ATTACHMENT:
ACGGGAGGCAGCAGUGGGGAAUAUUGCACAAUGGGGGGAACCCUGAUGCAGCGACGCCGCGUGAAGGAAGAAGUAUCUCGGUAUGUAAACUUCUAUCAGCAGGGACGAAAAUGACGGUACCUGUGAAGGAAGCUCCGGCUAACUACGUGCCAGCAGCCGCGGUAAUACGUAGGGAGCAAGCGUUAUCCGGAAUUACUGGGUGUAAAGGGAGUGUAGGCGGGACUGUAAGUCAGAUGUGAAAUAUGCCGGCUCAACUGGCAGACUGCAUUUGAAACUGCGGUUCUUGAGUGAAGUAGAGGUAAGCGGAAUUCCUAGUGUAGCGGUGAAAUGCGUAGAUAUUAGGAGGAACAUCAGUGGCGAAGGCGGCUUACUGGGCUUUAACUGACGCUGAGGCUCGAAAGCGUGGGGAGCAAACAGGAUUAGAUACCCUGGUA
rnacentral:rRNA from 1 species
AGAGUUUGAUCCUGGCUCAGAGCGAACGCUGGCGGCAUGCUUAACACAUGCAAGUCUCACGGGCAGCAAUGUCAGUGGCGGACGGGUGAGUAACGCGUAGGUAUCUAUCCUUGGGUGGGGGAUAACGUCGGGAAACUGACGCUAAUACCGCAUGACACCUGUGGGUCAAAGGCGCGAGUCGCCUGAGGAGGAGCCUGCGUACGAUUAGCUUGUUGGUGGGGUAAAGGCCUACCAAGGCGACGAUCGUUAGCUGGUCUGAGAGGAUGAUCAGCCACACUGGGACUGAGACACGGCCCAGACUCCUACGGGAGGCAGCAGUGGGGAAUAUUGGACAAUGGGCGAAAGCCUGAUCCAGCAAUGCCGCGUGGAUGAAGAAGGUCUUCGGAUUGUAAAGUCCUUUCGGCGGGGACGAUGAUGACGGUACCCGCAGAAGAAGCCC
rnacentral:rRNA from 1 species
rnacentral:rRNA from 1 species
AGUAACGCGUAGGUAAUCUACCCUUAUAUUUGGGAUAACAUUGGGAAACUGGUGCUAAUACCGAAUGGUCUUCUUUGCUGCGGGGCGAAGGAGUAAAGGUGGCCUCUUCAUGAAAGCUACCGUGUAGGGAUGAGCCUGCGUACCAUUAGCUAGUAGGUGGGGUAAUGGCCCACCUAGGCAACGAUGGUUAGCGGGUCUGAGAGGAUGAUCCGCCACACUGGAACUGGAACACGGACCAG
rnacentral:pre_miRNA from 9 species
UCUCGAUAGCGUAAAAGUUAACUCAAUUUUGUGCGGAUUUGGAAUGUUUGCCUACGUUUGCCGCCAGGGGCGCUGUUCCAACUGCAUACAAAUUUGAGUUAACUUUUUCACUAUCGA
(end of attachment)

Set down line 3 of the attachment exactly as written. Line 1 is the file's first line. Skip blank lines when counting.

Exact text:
AGAGUUUGAUCCUGGCUCAGAGCGAACGCUGGCGGCAUGCUUAACACAUGCAAGUCUCACGGGCAGCAAUGUCAGUGGCGGACGGGUGAGUAACGCGUAGGUAUCUAUCCUUGGGUGGGGGAUAACGUCGGGAAACUGACGCUAAUACCGCAUGACACCUGUGGGUCAAAGGCGCGAGUCGCCUGAGGAGGAGCCUGCGUACGAUUAGCUUGUUGGUGGGGUAAAGGCCUACCAAGGCGACGAUCGUUAGCUGGUCUGAGAGGAUGAUCAGCCACACUGGGACUGAGACACGGCCCAGACUCCUACGGGAGGCAGCAGUGGGGAAUAUUGGACAAUGGGCGAAAGCCUGAUCCAGCAAUGCCGCGUGGAUGAAGAAGGUCUUCGGAUUGUAAAGUCCUUUCGGCGGGGACGAUGAUGACGGUACCCGCAGAAGAAGCCC